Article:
The case Burt Lake Band of Ottawa and Chippewa Indians v. Jewell et al. is in the U.S. District Court for the District of Columbia. The Band’s representatives Bart Stupak of Venable LLP will now present evidence to the DOI that shows that under the 2015 rules, the Band satisfies all requirements necessary for federal recognition.
Federal Judge Calls DOI Ban on Re-Petitioning for Federal Recognition ‘Arbitrary and Capricious’
While last week the U.S. Department of Interior (DOI) dealt a “cruel and unnecessary” blow to the Mashpee Wampanoag Tribe, removing the Tribe’s reservation status, last week yielded a victory in an 80-year battle for federal recognition by a Michigan Band: a D.C. federal court ruling against the DOI.
In the Burt Lake Band of Ottawa and Chippewa Indians’ 80-year fight to obtain federal recognition, a D.C. federal judge has ruled against the DOI’s 2015 ban on re-petitioning.
Judge Amy B. Jackson called the 2015 ban that barred the unrecognized Band from re-petitioning for federal status “arbitrary and capricious” under the Administrative Procedure Act. She said the ban was “neither well reasoned nor rationally connected to the facts in the record.”
In 2015, the DOI issued a revision to Part 83 of federal regulation and considered allowing previously denied Tribes to reapply, though ultimately did not add such an amendment — even though the DOI overhauled many other aspects of what the BIA has labeled a “broken” Part 83 process deeply “in need of reform.”
“The department did not equivocate when it reiterated that the purpose of the reforms was to address the ‘broken’ nature of the pre-2015 process,” Judge Jackson wrote. “One cannot square the promise … with depriving Tribes that were denied recognition under the old system of any opportunity to re-petition. The decision to eliminate any right to re-petition will frustrate, and not advance, the stated goal of achieving consistency.”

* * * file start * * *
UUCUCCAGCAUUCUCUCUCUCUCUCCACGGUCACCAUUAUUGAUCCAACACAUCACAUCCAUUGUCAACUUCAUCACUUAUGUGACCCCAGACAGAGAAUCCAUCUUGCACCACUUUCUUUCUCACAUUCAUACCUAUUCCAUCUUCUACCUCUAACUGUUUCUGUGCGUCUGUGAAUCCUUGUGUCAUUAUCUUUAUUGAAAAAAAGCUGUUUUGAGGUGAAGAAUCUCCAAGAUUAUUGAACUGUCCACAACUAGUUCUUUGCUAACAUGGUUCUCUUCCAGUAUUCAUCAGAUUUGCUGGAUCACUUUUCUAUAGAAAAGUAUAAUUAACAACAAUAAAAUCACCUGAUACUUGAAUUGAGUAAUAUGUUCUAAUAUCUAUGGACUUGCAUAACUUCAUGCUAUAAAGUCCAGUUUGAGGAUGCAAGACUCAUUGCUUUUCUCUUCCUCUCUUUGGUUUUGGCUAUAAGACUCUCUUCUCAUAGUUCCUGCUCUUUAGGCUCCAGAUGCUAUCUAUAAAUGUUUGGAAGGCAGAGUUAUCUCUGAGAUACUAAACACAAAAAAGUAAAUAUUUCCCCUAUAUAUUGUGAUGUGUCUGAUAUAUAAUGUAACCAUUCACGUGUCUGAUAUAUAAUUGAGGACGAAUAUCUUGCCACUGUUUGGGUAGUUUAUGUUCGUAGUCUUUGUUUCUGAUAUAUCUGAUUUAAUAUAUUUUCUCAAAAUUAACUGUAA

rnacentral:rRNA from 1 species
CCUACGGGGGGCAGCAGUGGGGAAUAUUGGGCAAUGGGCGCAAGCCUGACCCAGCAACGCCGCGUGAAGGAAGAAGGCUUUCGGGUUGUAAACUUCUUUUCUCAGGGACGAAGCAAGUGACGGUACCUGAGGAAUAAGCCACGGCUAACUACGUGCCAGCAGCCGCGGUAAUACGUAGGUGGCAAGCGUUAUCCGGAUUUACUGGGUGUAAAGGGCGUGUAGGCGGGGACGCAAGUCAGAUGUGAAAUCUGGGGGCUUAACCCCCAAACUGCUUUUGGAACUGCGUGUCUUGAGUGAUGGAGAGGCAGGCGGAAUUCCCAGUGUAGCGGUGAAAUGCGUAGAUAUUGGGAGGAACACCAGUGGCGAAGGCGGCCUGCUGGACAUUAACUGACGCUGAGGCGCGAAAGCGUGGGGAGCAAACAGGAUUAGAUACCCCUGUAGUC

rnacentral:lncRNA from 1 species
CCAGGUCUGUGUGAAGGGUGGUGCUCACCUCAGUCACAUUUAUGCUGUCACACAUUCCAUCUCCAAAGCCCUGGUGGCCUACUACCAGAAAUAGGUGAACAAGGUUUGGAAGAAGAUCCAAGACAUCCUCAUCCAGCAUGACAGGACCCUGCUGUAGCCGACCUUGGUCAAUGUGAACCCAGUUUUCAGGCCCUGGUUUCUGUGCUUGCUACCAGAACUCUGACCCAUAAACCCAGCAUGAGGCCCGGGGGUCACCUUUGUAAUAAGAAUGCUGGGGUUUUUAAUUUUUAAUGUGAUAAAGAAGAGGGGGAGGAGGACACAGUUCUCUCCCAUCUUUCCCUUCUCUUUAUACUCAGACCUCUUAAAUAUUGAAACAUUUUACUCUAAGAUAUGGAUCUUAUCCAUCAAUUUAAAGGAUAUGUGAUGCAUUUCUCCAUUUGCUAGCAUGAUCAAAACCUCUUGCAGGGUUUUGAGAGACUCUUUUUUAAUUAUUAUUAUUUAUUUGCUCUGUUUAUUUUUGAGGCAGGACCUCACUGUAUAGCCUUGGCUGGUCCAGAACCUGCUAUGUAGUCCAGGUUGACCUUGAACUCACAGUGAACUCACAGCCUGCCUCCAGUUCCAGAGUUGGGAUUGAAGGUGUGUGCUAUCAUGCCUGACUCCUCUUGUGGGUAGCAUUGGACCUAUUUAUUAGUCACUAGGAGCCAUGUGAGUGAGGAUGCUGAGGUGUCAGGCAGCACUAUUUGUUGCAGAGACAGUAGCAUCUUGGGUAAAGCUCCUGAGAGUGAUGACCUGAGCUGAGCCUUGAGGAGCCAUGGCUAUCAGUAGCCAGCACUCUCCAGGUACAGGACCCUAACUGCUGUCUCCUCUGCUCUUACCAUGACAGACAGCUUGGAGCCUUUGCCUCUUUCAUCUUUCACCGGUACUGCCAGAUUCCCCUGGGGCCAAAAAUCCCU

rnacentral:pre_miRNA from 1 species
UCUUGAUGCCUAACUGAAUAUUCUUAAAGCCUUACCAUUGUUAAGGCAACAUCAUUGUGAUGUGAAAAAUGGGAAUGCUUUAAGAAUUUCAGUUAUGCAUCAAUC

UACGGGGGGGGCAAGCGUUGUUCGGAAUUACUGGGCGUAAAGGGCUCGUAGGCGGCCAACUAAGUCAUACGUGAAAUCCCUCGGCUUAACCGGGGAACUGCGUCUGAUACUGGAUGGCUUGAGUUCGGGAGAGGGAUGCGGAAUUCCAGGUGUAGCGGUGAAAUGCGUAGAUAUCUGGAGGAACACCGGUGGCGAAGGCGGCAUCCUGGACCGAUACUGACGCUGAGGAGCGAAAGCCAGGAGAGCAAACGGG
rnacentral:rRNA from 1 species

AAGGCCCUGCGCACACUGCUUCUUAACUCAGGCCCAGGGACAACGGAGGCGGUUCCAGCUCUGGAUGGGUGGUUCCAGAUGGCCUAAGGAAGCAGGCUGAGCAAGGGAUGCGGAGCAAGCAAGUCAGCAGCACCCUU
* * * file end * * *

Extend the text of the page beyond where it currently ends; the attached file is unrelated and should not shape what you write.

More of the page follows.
The northern Michigan-based Burt Lake Band, historically known as the Cheboiganing Band, originally filed its lawsuit in 2017 against then-DOI Secretary Ryan Zinke and current BIA Assistant Secretary for Indian Affairs Tara Sweeney. Resulting in a “nondecision” on its petition for recognition, the Band said it “discriminatorily precluded the Burt Lake Band from receiving necessary benefits and services, such as access to education, health and welfare programs, which are only available to members of recognized Indian Tribes.”
The Band’s representatives Bart Stupak of Venable LLP will now present evidence to the DOI that shows that under the 2015 rules, the Band satisfies all requirements necessary for federal recognition.